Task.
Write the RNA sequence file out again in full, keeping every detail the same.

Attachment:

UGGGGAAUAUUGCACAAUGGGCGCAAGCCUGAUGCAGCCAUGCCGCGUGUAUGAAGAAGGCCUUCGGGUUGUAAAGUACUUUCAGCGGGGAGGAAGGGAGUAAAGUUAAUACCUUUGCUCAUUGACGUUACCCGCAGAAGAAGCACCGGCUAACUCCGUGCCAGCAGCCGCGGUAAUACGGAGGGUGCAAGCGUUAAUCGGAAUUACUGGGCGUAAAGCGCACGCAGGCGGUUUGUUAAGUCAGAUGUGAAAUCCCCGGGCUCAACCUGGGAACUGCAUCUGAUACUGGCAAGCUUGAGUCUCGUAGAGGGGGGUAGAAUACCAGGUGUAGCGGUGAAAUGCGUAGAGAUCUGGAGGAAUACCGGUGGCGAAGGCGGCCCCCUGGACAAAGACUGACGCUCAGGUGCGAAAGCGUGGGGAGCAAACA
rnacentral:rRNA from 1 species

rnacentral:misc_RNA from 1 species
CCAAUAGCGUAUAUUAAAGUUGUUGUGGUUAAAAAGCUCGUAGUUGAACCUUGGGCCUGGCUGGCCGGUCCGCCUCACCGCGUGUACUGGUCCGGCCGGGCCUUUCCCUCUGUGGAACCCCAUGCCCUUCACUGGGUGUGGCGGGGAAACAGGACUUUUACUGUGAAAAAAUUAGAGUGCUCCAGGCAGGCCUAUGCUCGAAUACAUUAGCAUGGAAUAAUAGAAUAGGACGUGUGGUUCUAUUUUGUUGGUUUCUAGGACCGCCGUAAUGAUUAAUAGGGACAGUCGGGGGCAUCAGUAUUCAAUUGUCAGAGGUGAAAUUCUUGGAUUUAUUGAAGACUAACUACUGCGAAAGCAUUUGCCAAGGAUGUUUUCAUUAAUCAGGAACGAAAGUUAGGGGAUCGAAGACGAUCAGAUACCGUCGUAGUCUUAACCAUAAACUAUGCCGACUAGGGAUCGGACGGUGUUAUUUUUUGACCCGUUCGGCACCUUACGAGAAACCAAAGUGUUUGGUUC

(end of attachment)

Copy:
UGGGGAAUAUUGCACAAUGGGCGCAAGCCUGAUGCAGCCAUGCCGCGUGUAUGAAGAAGGCCUUCGGGUUGUAAAGUACUUUCAGCGGGGAGGAAGGGAGUAAAGUUAAUACCUUUGCUCAUUGACGUUACCCGCAGAAGAAGCACCGGCUAACUCCGUGCCAGCAGCCGCGGUAAUACGGAGGGUGCAAGCGUUAAUCGGAAUUACUGGGCGUAAAGCGCACGCAGGCGGUUUGUUAAGUCAGAUGUGAAAUCCCCGGGCUCAACCUGGGAACUGCAUCUGAUACUGGCAAGCUUGAGUCUCGUAGAGGGGGGUAGAAUACCAGGUGUAGCGGUGAAAUGCGUAGAGAUCUGGAGGAAUACCGGUGGCGAAGGCGGCCCCCUGGACAAAGACUGACGCUCAGGUGCGAAAGCGUGGGGAGCAAACA
rnacentral:rRNA from 1 species

rnacentral:misc_RNA from 1 species
CCAAUAGCGUAUAUUAAAGUUGUUGUGGUUAAAAAGCUCGUAGUUGAACCUUGGGCCUGGCUGGCCGGUCCGCCUCACCGCGUGUACUGGUCCGGCCGGGCCUUUCCCUCUGUGGAACCCCAUGCCCUUCACUGGGUGUGGCGGGGAAACAGGACUUUUACUGUGAAAAAAUUAGAGUGCUCCAGGCAGGCCUAUGCUCGAAUACAUUAGCAUGGAAUAAUAGAAUAGGACGUGUGGUUCUAUUUUGUUGGUUUCUAGGACCGCCGUAAUGAUUAAUAGGGACAGUCGGGGGCAUCAGUAUUCAAUUGUCAGAGGUGAAAUUCUUGGAUUUAUUGAAGACUAACUACUGCGAAAGCAUUUGCCAAGGAUGUUUUCAUUAAUCAGGAACGAAAGUUAGGGGAUCGAAGACGAUCAGAUACCGUCGUAGUCUUAACCAUAAACUAUGCCGACUAGGGAUCGGACGGUGUUAUUUUUUGACCCGUUCGGCACCUUACGAGAAACCAAAGUGUUUGGUUC